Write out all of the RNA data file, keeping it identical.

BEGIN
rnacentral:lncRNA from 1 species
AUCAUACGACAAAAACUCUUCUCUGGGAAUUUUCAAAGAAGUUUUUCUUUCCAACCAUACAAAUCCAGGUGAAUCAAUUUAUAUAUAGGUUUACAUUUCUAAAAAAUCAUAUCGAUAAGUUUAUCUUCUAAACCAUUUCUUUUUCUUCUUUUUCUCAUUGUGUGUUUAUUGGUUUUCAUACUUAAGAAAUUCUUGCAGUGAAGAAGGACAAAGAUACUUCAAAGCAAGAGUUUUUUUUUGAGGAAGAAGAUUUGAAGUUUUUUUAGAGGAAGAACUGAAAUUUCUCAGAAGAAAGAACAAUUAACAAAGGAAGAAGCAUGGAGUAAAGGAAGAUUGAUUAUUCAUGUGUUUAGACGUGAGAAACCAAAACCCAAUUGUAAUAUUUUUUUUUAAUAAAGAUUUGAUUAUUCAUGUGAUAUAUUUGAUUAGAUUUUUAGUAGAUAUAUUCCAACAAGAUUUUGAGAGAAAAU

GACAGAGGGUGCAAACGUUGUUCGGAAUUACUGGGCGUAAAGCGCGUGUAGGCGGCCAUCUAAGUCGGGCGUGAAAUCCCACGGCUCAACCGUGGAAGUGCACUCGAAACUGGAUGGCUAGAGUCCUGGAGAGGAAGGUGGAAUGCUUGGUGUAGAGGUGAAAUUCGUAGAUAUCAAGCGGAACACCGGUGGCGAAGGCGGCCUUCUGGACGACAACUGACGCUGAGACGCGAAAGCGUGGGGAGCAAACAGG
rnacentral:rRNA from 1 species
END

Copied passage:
rnacentral:lncRNA from 1 species
AUCAUACGACAAAAACUCUUCUCUGGGAAUUUUCAAAGAAGUUUUUCUUUCCAACCAUACAAAUCCAGGUGAAUCAAUUUAUAUAUAGGUUUACAUUUCUAAAAAAUCAUAUCGAUAAGUUUAUCUUCUAAACCAUUUCUUUUUCUUCUUUUUCUCAUUGUGUGUUUAUUGGUUUUCAUACUUAAGAAAUUCUUGCAGUGAAGAAGGACAAAGAUACUUCAAAGCAAGAGUUUUUUUUUGAGGAAGAAGAUUUGAAGUUUUUUUAGAGGAAGAACUGAAAUUUCUCAGAAGAAAGAACAAUUAACAAAGGAAGAAGCAUGGAGUAAAGGAAGAUUGAUUAUUCAUGUGUUUAGACGUGAGAAACCAAAACCCAAUUGUAAUAUUUUUUUUUAAUAAAGAUUUGAUUAUUCAUGUGAUAUAUUUGAUUAGAUUUUUAGUAGAUAUAUUCCAACAAGAUUUUGAGAGAAAAU

GACAGAGGGUGCAAACGUUGUUCGGAAUUACUGGGCGUAAAGCGCGUGUAGGCGGCCAUCUAAGUCGGGCGUGAAAUCCCACGGCUCAACCGUGGAAGUGCACUCGAAACUGGAUGGCUAGAGUCCUGGAGAGGAAGGUGGAAUGCUUGGUGUAGAGGUGAAAUUCGUAGAUAUCAAGCGGAACACCGGUGGCGAAGGCGGCCUUCUGGACGACAACUGACGCUGAGACGCGAAAGCGUGGGGAGCAAACAGG
rnacentral:rRNA from 1 species